Use the Threshold Tool to clean out your image.

You will notice that the Threshold Tool will not clean things out perfectly, but will create a lot of dust-like artefacts and noise around your lines. These are shoddy and undesirable. Eliminate them by using the Median Effect under Effects / Noise, at a resolution of 3 or 2 pixels. After this step, make sure to use the Threshold Tool again, because the Median Effect will also leave some greyish artefacts around your lines.

The rest of the cleaning, you will have to do by hand. Here is how the image looks when cleaner. I also connected the "model kit" tail with the rest of the body.

Now is the time to perform the corrections I'd jotted down on the sides of the drawing. For example, the lump of fat and muscle I'd placed under the tail was too much, even by All Yesterdays standards. I pushed it back by using the Liquify Filter, freeze-masking the areas that I want to stay constant. After the filter, I used the Threshold Tool again, to remove the greyish impurities created by the Liquify function. I can't overstate the need to use the Threshold Tool over and over again, every time you apply a non-standard filter to your image.

The rest of the "gigs" I clean with the Pencil Tool, set to pure white. You can also use the Eraser Tool, but make sure you set the Mode to Pencil, not Brush. Using the Eraser Tool in Brush mode will result in messy edges.

I also had to move and shrink the creature's ear. I did this with a quick flick of the Lasso Tool, the same selection tool I used to "pose" the skeletal drawing. As always, Threshold afterwards to clean up the mess caused by re-sizing the portion of your image.

Here is the fully-cleaned Brachytrachelopan, with an inset of its head. I spent a lot of time cleaning parts of the head and the body. Sometimes, even the thickness and angle of an individual line, or hatching, can put the whole image off. 

Now begins the colouring process. One of the neat tools that can help you at this junction is the PaintsChainer online tool that uses some sort of Neural Net AI to automatically colorise your images. In some images, it's hauntingly effective. In other cases, you can give "hints" to PaintsChainer to better come up with colour schemes.

Here are some of the neat images generated by PaintsChainer for my Brachytrachelopan. I was really fond of the pinkish tones in the final image. Machines have made unnerving process in our age, but they can still not create the final, completed pieces. Use software like PaintsChainer only as inspiration, never as actual, finished work.

Also, don't forget that all artists stand on the shoulders of giants. I routinely research the work of nature illustrators, especially bird artists, to provide me with inspiration and knowledge for the colour schemes, poses and composition of artwork featuring dinosaurs. Here is a screenshot from my research into the work of Louis Agassiz Fuertes, a celebrated American ornithologist.

Always hone your research skills, and always learn from the work of others. In the future, with machines handling more and more of the scut-work of art, an artist's knowledge and research skills will give him or her as much an edge as their technical abilities.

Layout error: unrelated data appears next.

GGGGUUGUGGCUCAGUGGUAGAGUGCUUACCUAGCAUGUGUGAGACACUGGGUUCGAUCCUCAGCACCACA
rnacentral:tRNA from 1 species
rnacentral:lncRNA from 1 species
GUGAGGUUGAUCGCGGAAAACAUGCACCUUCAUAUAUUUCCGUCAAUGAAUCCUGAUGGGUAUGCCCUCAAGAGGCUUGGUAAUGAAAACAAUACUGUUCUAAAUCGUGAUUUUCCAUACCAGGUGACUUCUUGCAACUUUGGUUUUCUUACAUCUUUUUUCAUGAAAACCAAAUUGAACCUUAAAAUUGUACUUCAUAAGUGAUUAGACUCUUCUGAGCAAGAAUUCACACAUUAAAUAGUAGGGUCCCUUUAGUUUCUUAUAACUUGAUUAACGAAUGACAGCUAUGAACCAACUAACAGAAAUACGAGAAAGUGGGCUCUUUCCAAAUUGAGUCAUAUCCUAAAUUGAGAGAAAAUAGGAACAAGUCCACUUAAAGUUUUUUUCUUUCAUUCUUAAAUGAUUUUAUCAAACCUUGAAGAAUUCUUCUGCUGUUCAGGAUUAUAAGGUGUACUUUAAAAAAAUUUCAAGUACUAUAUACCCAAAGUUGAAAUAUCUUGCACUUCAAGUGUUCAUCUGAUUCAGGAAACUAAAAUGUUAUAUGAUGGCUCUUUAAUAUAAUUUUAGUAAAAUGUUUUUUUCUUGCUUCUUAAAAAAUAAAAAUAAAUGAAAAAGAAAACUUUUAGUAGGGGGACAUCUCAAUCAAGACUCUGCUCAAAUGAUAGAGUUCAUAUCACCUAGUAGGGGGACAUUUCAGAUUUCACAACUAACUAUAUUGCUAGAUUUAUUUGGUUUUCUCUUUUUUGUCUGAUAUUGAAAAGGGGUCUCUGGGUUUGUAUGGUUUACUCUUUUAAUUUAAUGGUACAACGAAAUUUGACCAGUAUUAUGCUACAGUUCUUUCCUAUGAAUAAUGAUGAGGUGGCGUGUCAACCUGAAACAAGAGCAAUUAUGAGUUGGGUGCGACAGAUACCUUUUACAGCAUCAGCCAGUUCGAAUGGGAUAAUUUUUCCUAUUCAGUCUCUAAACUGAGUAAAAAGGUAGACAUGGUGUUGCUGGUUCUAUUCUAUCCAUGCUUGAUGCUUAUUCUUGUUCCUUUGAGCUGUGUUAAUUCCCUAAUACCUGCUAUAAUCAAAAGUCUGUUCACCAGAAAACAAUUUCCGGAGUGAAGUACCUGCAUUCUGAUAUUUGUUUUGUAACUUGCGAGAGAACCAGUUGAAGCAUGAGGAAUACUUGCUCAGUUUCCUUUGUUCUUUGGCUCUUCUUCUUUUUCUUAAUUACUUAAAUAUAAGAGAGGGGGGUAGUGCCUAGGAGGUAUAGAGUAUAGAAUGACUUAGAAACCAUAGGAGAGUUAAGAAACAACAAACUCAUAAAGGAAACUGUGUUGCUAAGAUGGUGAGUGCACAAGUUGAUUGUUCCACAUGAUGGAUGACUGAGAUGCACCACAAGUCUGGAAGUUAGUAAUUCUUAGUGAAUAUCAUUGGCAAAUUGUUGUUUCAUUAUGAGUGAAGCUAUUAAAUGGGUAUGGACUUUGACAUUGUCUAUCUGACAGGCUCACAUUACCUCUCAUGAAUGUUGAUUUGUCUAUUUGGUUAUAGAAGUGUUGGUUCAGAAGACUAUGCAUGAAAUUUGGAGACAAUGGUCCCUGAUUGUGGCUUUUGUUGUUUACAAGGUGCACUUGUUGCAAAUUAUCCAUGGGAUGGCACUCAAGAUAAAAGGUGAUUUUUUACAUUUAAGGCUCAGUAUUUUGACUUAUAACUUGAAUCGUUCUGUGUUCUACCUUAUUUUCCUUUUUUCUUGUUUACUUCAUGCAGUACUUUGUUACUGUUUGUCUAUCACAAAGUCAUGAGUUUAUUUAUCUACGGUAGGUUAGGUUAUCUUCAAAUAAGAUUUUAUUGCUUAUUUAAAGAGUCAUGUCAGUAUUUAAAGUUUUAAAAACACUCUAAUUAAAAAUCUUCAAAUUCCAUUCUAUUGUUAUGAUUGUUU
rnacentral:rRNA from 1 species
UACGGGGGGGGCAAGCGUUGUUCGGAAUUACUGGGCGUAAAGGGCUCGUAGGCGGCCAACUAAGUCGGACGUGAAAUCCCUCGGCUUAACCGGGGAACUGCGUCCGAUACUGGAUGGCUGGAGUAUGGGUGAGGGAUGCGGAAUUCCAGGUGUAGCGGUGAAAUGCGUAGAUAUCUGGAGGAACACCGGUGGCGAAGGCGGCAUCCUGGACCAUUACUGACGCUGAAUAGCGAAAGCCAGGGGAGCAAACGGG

Ok, now let's get ready to colourise. Choose the Paint Bucket Tool from the sidebar. Most importantly, make sure the Tolerance level is set to 0, and that Anti-aliasing, that damned gimmick of mediocrity, is switched off. This will help your colours and lines stay crisp and undamaged throughout the colourising process.

Pick the colours from your PaintsChainer images and research pictures, and fill out the background first. You'll notice that I picked the background colour from the sky in Agassiz Fuertes' image. Then, switch the Contiguous function off from the Paint Bucket Tool control bar, and fill in the main body of the animal in one deft move.

Also, and this is very important; fill the colours of the lines in a dark hue as well. They shouldn't stay black just because they are lines. Try dark blue, dark green... sometimes, even lighter shades may work surprisingly well.

Experiment a lot with colours before deciding on the final "base" plan. Here are four screenshots from my process. In fact, I usually leave a day between the drawing and the colourising phases to get a better pick of colours, rethink things and make a few last-minute adjustments. As that old geezer in Toy Story 2 said, you can't rush art.

Ok, now it's the second day at work on Brachytrachelopan, and we're getting ready to paint our figure.

The whole reason I've avoided anti-aliasing and unnecessary colours now becomes apparent. To colour the entire figure, select the base colour of the beast with the Magic Wand Tool, at Tolerance set to 0, and the pesky Anti-alias and Contiguous functions switched off. Now you've selected the entire base colour, without fearing to "spill over" to the edges, or the lines.

Now it's up to your manual skills, only on a tablet this time. I've used the same Wacom ET-0405A-U tablet since 2003. I've used the Cintiq devices too, they are damned effective, but cumbersome and baroque in long-term operation. As far as I'm concerned, (but opinions can differ), the larger, screen-less tablets, and the new fancy "Bamboo" tablets, with their unnecessarily smart functions, are all a bit worthless.

Ok, now select the Pencil Tool, shift the Opacity setting to anything between 60% and 10%, and start layering in colours like a series of transparent curtains, moving from the head of the animal to the tail region. Use low opacities and multiple strokes for smoother transitions, higher opacities for steeper transitions. After the main gradients, move in to focal areas such as eyes, wattles, mouth parts, display structures, sacs, etc. for detail work. If you are feeling bold, you can even re-paint the entire body, scale-by-scale. Needless to say, it takes a bit of expertise to build-up one's colourisation skills in this manner.